Crockham Hill, Kent
SIR – When I ran the RAF Officer and Aircrew Selection Centre from 2002 to 2004, the two full days of medical, aptitude and leadership testing were as objective as possible (Letters, February 4), the sole aim being to maximise military effectiveness by identifying those most likely to succeed.
The manpower planning also made the process brutal. It didn’t matter how gifted you were, or how much clout your parents had. If the training requirement for that financial year was 10 pilots or administrators, and you came 11th in the selection process, you missed the cut.
Even then, there were targets to encourage an increase in the representation of women and ethnic minorities, but to let this skew selection or entry into training would have negated the point of the centre.
Gp Capt R J A Powell (retd)
Barry Island, Glamorgan
SIR – I read with sadness Allison Pearson’s criticism of the RAF diversity drive.
It is well established that a person of colour, and specifically a black person, is less likely to do well at school, less likely to go to university, less likely to get a higher-paying job and more likely to be incarcerated. These are shocking statistics in any day and age.
How do we try to readdress the balance? Well, partly, in my view, through measures such as positive discrimination. Yes, it’s uncomfortable – and, yes, it means that some will miss out. However, it is a way to overcome systemic inequality of opportunity.
So instead of recoiling in horror at the thought of positive discrimination, let us stop and ask some deeper questions, including: what kind of society do we want to be? I know I want to be part of one that has the capacity to see the bigger picture and is able to approach societal challenges with an open mind.
Lower Somersham, Suffolk
SIR – Starting off very early one December morning on a mountain walk in Mallorca, I called into a café in the village of Valldemossa (where Chopin wintered with George Sand).
The café soon filled with local tradesmen and farm workers. Not a business suit in sight. They ordered espresso and smooth Spanish brandy, and conversed before facing the winter air outside (Letters, February 3). How civilised.
No serious student should be scared of Ulysses
SIR – Academics, presumably with too much time on their hands, have placed a trigger warning on James Joyce’s Ulysses (last banned in 1922) on the grounds that the modern reader may find the sexual passages “difficult”. This, despite the fact that most people of student age have viewed pornography on the internet.
The only thing that is difficult to understand is how we have reached this point, with an endless stream of people finding new things to cancel.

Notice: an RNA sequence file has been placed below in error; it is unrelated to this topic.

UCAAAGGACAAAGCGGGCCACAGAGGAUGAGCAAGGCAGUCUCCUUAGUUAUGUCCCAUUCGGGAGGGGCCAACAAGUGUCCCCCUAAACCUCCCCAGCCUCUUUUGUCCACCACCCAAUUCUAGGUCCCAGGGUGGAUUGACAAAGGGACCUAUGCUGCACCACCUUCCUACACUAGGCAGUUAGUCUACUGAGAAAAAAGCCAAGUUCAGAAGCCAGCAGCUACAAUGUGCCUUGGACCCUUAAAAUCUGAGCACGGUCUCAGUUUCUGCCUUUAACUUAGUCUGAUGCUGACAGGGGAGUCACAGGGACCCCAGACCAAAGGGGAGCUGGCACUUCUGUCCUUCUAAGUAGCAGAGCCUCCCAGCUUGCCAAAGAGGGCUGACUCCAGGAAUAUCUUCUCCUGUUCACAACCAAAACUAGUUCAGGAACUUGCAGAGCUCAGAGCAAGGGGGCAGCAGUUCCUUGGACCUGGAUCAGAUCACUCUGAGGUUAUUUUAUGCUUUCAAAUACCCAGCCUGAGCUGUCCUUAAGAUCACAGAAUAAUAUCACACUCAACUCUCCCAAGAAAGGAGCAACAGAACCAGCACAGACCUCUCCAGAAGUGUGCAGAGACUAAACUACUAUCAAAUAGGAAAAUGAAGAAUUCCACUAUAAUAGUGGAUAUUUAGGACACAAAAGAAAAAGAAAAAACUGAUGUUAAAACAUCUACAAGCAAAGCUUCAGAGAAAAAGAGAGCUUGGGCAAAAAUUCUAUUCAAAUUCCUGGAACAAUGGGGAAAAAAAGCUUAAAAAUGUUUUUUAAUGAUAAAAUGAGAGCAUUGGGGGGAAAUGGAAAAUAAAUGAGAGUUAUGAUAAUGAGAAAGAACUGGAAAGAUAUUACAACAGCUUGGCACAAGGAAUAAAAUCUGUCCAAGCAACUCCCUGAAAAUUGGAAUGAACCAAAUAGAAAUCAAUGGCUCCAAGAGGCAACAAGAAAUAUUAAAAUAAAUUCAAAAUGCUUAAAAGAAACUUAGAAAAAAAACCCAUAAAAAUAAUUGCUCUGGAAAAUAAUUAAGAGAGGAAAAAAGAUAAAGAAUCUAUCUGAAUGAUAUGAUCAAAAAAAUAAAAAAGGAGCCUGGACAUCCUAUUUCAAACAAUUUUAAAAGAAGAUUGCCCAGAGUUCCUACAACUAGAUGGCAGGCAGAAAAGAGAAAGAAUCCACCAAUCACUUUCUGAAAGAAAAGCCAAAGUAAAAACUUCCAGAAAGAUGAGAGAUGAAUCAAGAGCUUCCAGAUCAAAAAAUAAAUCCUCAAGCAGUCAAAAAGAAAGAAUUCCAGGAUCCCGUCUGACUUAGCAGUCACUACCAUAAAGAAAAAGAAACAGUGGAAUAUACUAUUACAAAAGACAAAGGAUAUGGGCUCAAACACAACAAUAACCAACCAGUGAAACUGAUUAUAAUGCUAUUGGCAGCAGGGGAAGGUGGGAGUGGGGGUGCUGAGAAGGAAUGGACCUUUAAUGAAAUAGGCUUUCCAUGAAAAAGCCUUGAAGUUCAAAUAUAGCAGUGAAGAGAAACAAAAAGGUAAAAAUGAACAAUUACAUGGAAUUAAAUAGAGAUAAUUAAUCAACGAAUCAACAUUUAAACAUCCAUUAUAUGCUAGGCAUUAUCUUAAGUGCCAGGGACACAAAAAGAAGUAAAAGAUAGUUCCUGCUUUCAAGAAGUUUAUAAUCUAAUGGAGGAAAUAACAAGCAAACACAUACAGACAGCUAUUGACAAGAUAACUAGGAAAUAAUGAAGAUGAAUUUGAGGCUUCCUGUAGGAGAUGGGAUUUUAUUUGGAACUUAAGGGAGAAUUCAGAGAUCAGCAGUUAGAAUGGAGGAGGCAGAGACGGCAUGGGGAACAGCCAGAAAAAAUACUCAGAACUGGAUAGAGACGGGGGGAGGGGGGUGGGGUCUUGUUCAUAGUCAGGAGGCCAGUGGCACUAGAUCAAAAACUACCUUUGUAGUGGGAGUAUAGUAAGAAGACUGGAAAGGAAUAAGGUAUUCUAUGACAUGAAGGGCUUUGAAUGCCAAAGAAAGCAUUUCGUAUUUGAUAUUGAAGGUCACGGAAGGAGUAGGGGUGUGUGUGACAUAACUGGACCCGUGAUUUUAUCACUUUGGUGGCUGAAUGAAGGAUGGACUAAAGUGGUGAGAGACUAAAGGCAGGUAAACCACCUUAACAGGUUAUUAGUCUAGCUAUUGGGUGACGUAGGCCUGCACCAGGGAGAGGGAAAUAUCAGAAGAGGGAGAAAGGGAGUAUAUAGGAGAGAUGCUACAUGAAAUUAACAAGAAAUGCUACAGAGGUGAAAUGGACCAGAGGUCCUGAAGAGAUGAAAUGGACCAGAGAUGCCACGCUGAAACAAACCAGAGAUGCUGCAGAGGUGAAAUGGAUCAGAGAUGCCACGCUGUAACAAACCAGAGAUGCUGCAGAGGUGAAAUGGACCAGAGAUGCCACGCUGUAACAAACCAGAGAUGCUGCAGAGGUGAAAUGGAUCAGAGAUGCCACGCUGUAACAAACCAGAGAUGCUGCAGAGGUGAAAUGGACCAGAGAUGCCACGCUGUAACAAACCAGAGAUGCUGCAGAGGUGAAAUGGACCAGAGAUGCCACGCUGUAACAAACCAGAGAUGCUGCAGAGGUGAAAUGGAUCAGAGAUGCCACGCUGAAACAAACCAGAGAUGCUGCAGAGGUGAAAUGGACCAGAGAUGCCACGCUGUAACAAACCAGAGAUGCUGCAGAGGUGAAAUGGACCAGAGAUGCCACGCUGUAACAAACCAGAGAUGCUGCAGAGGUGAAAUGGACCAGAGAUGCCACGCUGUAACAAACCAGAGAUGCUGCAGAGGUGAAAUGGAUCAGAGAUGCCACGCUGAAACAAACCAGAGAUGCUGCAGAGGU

Dr Martin Henry
Good Easter, Essex
The indefensible cost of the Lords’ new door
SIR – Your report about the renovation of the Peers’ Entrance to the House of Lords raises issues of great concern to many peers.
It is unclear to us how and why the costs have increased to £7.5 million – a rise of almost 300 per cent – since we first learnt of the planned renovation less than six months ago. It is also difficult to believe that the increase is “due to delays caused by issues unearthed during initial surveys and other works taking place nearby” or inflation, as the Senior Deputy Speaker stated in his recent parliamentary answer. Nor can such expenditure be justified at a time when so many are facing financial hardship.
These renovations have been proposed on the grounds of security, but we have seen neither the report which made these recommendations nor the financial case to support them.
Rather than ruin the magnificent Peers’ Entrance, it would be preferable to address the obvious security risks posed by the existing low barriers, which should be replaced by a perimeter fence that is both secure and in keeping with this World Heritage Site, while minimising the cost to the taxpayer. It would also be better if we were consulted in advance of these decisions being made, rather than being faced with a fait accompli by the House administration.
Lord Mancroft (Con)
Lord Strathclyde (Con)
Baroness Deech (Crossbench)
Lord Shinkwin (Con)
Lord Bridges of Headley (Con)
Lord Roberts of Belgravia (Con)
Baroness Meyer (Con)
Lord Dobbs (Con)
Lord Howard of Rising (Con)
SIR – Who are they hoping will make this door, Brunelleschi?
SIR – While the cost of the new door for the Lords does indeed seem remarkable, it is worth remembering that the oldest door in Britain is in Westminster Abbey across the road. It was made around 1052 and has survived for more than 900 years. Surely £7 million would not be excessive if the new door lasts as long.